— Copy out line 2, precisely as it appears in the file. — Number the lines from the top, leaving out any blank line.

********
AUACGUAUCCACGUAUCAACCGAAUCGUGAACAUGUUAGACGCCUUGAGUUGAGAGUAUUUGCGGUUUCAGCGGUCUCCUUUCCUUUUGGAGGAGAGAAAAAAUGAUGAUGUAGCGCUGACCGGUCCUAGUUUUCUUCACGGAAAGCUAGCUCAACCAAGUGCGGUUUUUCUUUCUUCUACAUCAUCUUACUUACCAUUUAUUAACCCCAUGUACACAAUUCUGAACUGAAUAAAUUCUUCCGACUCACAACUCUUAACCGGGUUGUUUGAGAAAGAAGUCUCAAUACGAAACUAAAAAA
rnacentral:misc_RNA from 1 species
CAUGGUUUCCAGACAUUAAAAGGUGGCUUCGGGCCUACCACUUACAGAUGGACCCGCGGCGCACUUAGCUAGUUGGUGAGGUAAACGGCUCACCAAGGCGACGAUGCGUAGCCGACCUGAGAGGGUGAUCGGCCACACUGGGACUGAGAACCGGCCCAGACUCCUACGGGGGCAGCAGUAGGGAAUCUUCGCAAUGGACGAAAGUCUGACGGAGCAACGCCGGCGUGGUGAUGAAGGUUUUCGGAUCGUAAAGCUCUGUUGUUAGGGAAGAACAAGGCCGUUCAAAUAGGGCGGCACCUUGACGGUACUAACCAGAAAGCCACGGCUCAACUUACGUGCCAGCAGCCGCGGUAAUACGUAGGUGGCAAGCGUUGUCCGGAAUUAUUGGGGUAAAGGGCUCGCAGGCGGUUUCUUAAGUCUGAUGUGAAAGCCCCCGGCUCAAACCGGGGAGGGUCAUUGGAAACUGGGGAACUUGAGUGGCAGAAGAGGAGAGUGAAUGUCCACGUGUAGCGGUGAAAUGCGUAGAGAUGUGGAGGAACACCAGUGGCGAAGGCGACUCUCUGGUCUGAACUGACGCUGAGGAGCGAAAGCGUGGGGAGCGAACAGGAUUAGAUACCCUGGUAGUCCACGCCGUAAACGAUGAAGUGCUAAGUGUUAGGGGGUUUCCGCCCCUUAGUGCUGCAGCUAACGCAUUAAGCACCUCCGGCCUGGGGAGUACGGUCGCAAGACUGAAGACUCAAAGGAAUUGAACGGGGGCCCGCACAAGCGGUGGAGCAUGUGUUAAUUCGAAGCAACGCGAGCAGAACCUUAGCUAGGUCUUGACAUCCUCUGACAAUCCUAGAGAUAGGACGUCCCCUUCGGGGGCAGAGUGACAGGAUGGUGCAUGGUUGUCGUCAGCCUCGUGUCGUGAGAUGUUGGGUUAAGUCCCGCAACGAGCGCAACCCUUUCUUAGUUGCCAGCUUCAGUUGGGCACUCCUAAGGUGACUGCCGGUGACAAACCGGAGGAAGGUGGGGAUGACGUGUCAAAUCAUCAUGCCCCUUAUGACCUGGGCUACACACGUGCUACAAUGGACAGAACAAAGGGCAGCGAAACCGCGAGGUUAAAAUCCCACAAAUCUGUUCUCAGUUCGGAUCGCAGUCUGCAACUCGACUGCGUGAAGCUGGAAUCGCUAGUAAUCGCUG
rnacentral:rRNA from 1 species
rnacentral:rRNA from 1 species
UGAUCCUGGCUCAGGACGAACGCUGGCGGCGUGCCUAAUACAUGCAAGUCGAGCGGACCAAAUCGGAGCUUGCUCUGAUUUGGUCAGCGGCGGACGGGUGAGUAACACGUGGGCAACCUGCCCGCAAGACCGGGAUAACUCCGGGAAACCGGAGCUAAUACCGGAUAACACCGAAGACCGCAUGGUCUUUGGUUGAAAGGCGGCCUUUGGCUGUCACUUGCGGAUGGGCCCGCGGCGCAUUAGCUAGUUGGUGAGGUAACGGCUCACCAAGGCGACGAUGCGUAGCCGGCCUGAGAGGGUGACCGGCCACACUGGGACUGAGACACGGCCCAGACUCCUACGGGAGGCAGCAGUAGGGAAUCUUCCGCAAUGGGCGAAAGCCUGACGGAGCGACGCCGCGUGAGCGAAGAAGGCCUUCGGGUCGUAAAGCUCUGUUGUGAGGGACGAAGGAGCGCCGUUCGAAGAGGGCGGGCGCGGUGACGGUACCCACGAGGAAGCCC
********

rnacentral:misc_RNA from 1 species